Do you have experience with (high-volume) off-line generation of graphics? What technologies did you use and which recommendations can you make?"

Submission + - Score: IBM - 700,000 / SCO - 326

The Peanut Gallery writes: "After years of litigation to discover what, exactly, SCO was suing about, IBM has finally discovered that SCO's "mountain of code" is only 326 scattered lines. Worse, most of what is allegedly infringing are comments and simple header files, like errno.h, which probably aren't copyrightable for being unoriginal and dictated by externalities, aren't owned by SCO in any event, and which IBM has at least five separate licenses for, including the GPL, even if SCO actually owned those lines of code. In contrast, IBM is able to point out 700,000 lines of code, which they have properly registered copyrights for, which SCO is infringing upon if the Court rules that it has, in fact, repudiated the GPL. If this were a game show, I suspect SCO would be complaining that their buzzer wasn't working right about now."

Submission + - RIAA sues paralyzed stroke victim

Stangger writes: Just when you thought they couldn't do any worse, the RIAA is suing a paralyzed Stroke victim for alleged copyright infringment in Michigan. Of course, he lives in Florida, but that shouldn't be more than a minor glitch in the lawsuit. Article: http://gizmodo.com/gadgets/riaa-boycott/riaa-tires -of-suing-babies-and-elderly-moves-on-to-paralyzed -stroke-victims-244108.php

Submission + - "Spamtrap" - an electronic installation a

bshack writes: ""Spamtrap" is an interactive installation piece that helps me fine tune my spam email filter. (video) My Spamtrap monitors an email address I created specifically to lure in spam. I do not use this email address for any other communication. I post this email address on websites and online bulletin boards that cause it to be harvested by spambots and then to start receiving spam. Because I know that all email sent to this email address is spam, I can adjust my spam filter to look for characteristics found in those confirmed spam messages when filtering out spam for my personal email account. Click here for more information about Spamtraps. The installation uses a wirelessly network connected Pentium II computer, personal printer, personal shredder and a Spamtrap email address. When a new spam email is detected by my installation, it automatically prints it out. The printed email slides down a track into the shredder that analyzes it. After the spam email has been analyzed the paper is then recycled. Watch the Documentation Video"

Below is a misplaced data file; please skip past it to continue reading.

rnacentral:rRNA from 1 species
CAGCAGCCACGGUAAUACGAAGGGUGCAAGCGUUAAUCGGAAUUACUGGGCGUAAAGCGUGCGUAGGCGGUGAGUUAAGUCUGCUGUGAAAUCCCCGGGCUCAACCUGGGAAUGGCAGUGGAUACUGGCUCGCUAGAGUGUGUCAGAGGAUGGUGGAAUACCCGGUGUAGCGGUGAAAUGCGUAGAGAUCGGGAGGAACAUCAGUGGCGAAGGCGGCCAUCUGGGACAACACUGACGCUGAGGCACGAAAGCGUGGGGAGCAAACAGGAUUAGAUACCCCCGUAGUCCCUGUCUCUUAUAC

Submission + - New Fair Use Bill introduced today to change DMCA

An anonymous reader writes: WashingtonPost.com notes that Reps Boucher(D-Va) and Dolittle(R-Calif) today introduced the FAIR USE Act that updates the DMCA to "make it easier for digital media consumers to use the content they buy." Boucher's statement on the bill says "The Digital Millennium Copyright Act dramatically tilted the copyright balance toward complete copyright protection at the expense of the public's right to fair use..." Backing the bill is the Consumer Electronics Association, the Home Recording Rights Coalition, the American Library Association and others.

Submission + - Heroic Slashdotter Mistakes Pron for Rape

ObiWanStevobi writes: Ok, since this is considered an invasion case, I picked YRO. I also figured a sword qualifies as a handheld device.

A man who lives in his mother's basement, and has a sword collection, is being charged after breaking into his neighbor's house. He broke in after hearing what sounded like a woman being raped. He burst through the door weilding his sword with a +3 Dexterity adrenaline rush. The frightened wanker then proceeded to show him(James Van Iveren AKA Krunk the Slashdotter) that he was alone and just watching a porno. Van Iveren is now being charged on several counts such as trespassing and damage to property for breaking the door. LINK

PS Notice the URL, porn.sword.ap
The Almighty Buck

Submission + - What is the cost of using hosted applications?

foniksonik writes: I work at a small company, less than 30 people, and yet the leadership refuses to consider using hosted applications for ANY purpose. They won't consider going to Gmail as a POP email provider, or using Basecamp for Project Management or Harvest for timesheets, Salesforce for CRM. etc. even though these hosted applications would save them a lot of effort/grief as well as time = money.

They claim that there is a huge downside to not 'owning' their own data in these areas and that it far outweighs the savings from not having to manage, maintain and support those tools internally. SO we have created a hodgepodge of opensource versions of the tools (dotProject, timesheet, Sugar) which don't interoperate well together either AND take a lot of time to set up, deploy, configure and customize for our needs. We have competent developers and a team in India we contract to for time intensive troubeshooting... but he time they spend on these apps takes away from time they could be devoting to PAID projects.

What do you think Slashdot? Are hosted apps a money loser, does not having ultimate control of your operational business data (as opposed to your code or other proprietary data) keep you from considering them as a time = money saver? If your company has already made the leap to hosted apps for business use, what are your experiences — good and bad?

Slashdot Top Deals

Consultants are mystical people who ask a company for a number and then give it back to them.